I have seen my fair share of couples as a marriage and family therapist. Couples usually seek out therapy when things are beyond what they feel they can handle, and they will seek help from an outside source, such as a therapist or clergy member. Since I have worked with couples for almost a decade, I have gained a lot of experience in some of the common reasons relationships go awry.
1 . Do not communicate honestly
For some reason, when we get into relationships, the level of communication decreases. Chances are, the individuals in the relationship have suffered from communication challenges and have brought them into the relationship. Couples must be honest about what they need and what they are looking to make a successful connection happen.
2. No longer date
Relationships are just that, relationships! They are not to get neglected after the couple is official or the ink on the marriage is dry. However, life happens, and we all get that. And with responsibilities and kids, etc., it can hard to maintain the same cadence as when you first met. There needs to be an effort made to keep the romance going and continue investing in your partner and the relationship. As we are blessed to continue to go through life, we grow and evolve. We learn new things about ourselves and the world and must share that with our partners. Even if you can make dinner time intentionally, once a week, where you talk, connect, etc., your relationship will be better.
3. Seek to be right rather than to understand
I heard somewhere recently something like ‘show me a man who is always right, and I’ll show you someone single. Relationships are no place always to need to be right or have the last word. This is where you want to come to be heard and to listen as well. Chances are, you are not combatting with your friends 24/7, so the same should be valid for your spouse. Mutual respect is needed, and it is vital to be able to stand your ground at times. To be firm but not rigid in one’s stance on issues as they arise.
4. Not maintain self and relationship with self
This is what a lot of people mean when they say they ‘lost themselves’. To blend yourself with another can be a beautiful experience. However, after time goes on and you recognize that you are no longer the person you were before, resentments can begin. It is important to remember who you are in all relationships and continue figuring out more about yourself. Develop new interests separate from your partner, keep up with your friends and family members. Watch your favorite shows, and continue your favorite activities. Your relationship will be better for it, as it can also keep the “sparks” going.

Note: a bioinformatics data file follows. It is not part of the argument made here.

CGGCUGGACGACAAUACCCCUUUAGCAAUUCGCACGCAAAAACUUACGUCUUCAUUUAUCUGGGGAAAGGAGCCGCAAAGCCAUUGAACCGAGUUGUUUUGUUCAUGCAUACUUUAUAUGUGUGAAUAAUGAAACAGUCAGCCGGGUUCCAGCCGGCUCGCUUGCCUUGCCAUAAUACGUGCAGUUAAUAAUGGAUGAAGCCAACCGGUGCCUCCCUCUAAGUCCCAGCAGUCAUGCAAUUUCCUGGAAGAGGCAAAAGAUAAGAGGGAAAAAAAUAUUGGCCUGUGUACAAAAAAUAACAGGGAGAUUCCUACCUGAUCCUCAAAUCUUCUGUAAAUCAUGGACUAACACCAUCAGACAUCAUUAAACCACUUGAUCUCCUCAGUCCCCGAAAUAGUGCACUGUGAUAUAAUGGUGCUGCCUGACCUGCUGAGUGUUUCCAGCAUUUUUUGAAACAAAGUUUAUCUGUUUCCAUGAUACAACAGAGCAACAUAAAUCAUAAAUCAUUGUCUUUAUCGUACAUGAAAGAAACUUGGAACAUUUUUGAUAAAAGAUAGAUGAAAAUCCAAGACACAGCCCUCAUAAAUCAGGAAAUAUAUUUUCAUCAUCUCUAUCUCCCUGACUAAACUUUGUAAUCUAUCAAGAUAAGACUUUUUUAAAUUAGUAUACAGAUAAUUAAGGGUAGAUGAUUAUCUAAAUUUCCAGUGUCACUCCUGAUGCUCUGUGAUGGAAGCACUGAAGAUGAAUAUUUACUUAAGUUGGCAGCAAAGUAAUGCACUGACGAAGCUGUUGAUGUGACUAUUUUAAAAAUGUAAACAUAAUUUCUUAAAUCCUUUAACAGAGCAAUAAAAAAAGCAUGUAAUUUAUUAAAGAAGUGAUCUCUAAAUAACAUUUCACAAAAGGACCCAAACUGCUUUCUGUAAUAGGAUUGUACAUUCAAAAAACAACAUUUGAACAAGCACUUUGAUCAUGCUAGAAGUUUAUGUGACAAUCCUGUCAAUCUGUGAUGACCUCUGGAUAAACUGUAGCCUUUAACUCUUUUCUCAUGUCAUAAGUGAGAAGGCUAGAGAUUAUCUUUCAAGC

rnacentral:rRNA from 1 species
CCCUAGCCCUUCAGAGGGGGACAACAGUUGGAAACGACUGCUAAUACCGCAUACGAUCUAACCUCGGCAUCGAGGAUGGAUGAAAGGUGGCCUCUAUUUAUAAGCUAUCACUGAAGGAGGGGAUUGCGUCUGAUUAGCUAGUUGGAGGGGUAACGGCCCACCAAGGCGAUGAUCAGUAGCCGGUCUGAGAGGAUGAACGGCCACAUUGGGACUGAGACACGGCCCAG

5. Not invest in the Relationship
Anything that is not cultivated will die. So, think of your relationship as a plant. Your plant will stay alive with water, proper sunshine, and nutrients. This is the same for your relationships. Don’t stop getting to know one another just because you’ve been in a relationship or married for an extended period. Talk! Spend time addressing your interests with one another. Having challenges? Invest in couples counseling to get a new way of dealing with one another. Counseling can also be great for improving skills like communication and intimacy.
Your relationship is worth the effort! You all can start to make progress. It won’t be easy, but it’ll be worth it. Contact us today to start couples therapy or marriage counseling with our Houston-based therapists
About the Author
Roma Williams is a licensed marriage and family therapist and supervisor (LMFT-S) and the founder of Unload It Therapy in Houston, Texas. She has over a decade of experience in the mental health field, with a history of providing counseling services to individuals, couples, families, and groups. Roma brings a wealth of knowledge and expertise to her practice. Her warm and empathetic approach to therapy has transformed the lives of countless clients who have sought her guidance. Roma is now also committed to helping to usher in the next generation of compassionate, responsible therapists through the weekly supervision she provides to the therapists of Unload It Therapy.